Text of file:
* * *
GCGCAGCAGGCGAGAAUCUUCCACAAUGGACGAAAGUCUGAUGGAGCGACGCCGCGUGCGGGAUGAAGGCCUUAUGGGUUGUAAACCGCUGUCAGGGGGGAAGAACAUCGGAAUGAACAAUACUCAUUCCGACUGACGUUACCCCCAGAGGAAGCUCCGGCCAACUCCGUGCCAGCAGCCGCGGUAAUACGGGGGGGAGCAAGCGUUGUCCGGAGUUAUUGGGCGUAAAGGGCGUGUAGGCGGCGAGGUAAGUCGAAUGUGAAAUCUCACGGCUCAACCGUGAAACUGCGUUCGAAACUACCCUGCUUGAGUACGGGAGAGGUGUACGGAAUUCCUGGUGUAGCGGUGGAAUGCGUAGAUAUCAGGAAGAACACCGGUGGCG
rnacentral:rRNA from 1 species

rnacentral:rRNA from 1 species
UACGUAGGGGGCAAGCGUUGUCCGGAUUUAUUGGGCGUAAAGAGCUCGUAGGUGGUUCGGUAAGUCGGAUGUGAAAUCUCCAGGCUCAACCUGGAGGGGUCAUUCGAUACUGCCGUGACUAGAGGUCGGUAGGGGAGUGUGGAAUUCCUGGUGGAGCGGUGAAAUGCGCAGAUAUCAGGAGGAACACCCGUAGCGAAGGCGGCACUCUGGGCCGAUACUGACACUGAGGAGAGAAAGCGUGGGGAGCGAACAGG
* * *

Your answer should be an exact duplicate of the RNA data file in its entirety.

GCGCAGCAGGCGAGAAUCUUCCACAAUGGACGAAAGUCUGAUGGAGCGACGCCGCGUGCGGGAUGAAGGCCUUAUGGGUUGUAAACCGCUGUCAGGGGGGAAGAACAUCGGAAUGAACAAUACUCAUUCCGACUGACGUUACCCCCAGAGGAAGCUCCGGCCAACUCCGUGCCAGCAGCCGCGGUAAUACGGGGGGGAGCAAGCGUUGUCCGGAGUUAUUGGGCGUAAAGGGCGUGUAGGCGGCGAGGUAAGUCGAAUGUGAAAUCUCACGGCUCAACCGUGAAACUGCGUUCGAAACUACCCUGCUUGAGUACGGGAGAGGUGUACGGAAUUCCUGGUGUAGCGGUGGAAUGCGUAGAUAUCAGGAAGAACACCGGUGGCG
rnacentral:rRNA from 1 species

rnacentral:rRNA from 1 species
UACGUAGGGGGCAAGCGUUGUCCGGAUUUAUUGGGCGUAAAGAGCUCGUAGGUGGUUCGGUAAGUCGGAUGUGAAAUCUCCAGGCUCAACCUGGAGGGGUCAUUCGAUACUGCCGUGACUAGAGGUCGGUAGGGGAGUGUGGAAUUCCUGGUGGAGCGGUGAAAUGCGCAGAUAUCAGGAGGAACACCCGUAGCGAAGGCGGCACUCUGGGCCGAUACUGACACUGAGGAGAGAAAGCGUGGGGAGCGAACAGG